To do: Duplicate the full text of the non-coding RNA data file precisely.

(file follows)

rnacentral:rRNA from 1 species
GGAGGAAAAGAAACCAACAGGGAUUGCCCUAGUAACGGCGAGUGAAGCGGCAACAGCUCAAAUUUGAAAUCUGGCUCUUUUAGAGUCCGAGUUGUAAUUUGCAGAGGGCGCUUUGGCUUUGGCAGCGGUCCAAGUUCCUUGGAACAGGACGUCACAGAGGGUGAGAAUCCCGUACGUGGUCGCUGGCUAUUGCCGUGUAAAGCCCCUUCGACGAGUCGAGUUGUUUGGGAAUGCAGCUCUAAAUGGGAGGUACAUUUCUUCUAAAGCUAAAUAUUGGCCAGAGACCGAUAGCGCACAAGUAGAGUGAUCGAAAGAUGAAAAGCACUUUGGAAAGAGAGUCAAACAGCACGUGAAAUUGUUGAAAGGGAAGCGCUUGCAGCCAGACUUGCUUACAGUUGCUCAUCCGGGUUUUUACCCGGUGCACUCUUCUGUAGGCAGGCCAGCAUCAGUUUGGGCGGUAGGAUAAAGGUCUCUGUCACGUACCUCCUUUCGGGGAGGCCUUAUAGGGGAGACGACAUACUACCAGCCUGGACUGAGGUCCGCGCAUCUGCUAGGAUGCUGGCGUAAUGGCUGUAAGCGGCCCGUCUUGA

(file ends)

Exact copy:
rnacentral:rRNA from 1 species
GGAGGAAAAGAAACCAACAGGGAUUGCCCUAGUAACGGCGAGUGAAGCGGCAACAGCUCAAAUUUGAAAUCUGGCUCUUUUAGAGUCCGAGUUGUAAUUUGCAGAGGGCGCUUUGGCUUUGGCAGCGGUCCAAGUUCCUUGGAACAGGACGUCACAGAGGGUGAGAAUCCCGUACGUGGUCGCUGGCUAUUGCCGUGUAAAGCCCCUUCGACGAGUCGAGUUGUUUGGGAAUGCAGCUCUAAAUGGGAGGUACAUUUCUUCUAAAGCUAAAUAUUGGCCAGAGACCGAUAGCGCACAAGUAGAGUGAUCGAAAGAUGAAAAGCACUUUGGAAAGAGAGUCAAACAGCACGUGAAAUUGUUGAAAGGGAAGCGCUUGCAGCCAGACUUGCUUACAGUUGCUCAUCCGGGUUUUUACCCGGUGCACUCUUCUGUAGGCAGGCCAGCAUCAGUUUGGGCGGUAGGAUAAAGGUCUCUGUCACGUACCUCCUUUCGGGGAGGCCUUAUAGGGGAGACGACAUACUACCAGCCUGGACUGAGGUCCGCGCAUCUGCUAGGAUGCUGGCGUAAUGGCUGUAAGCGGCCCGUCUUGA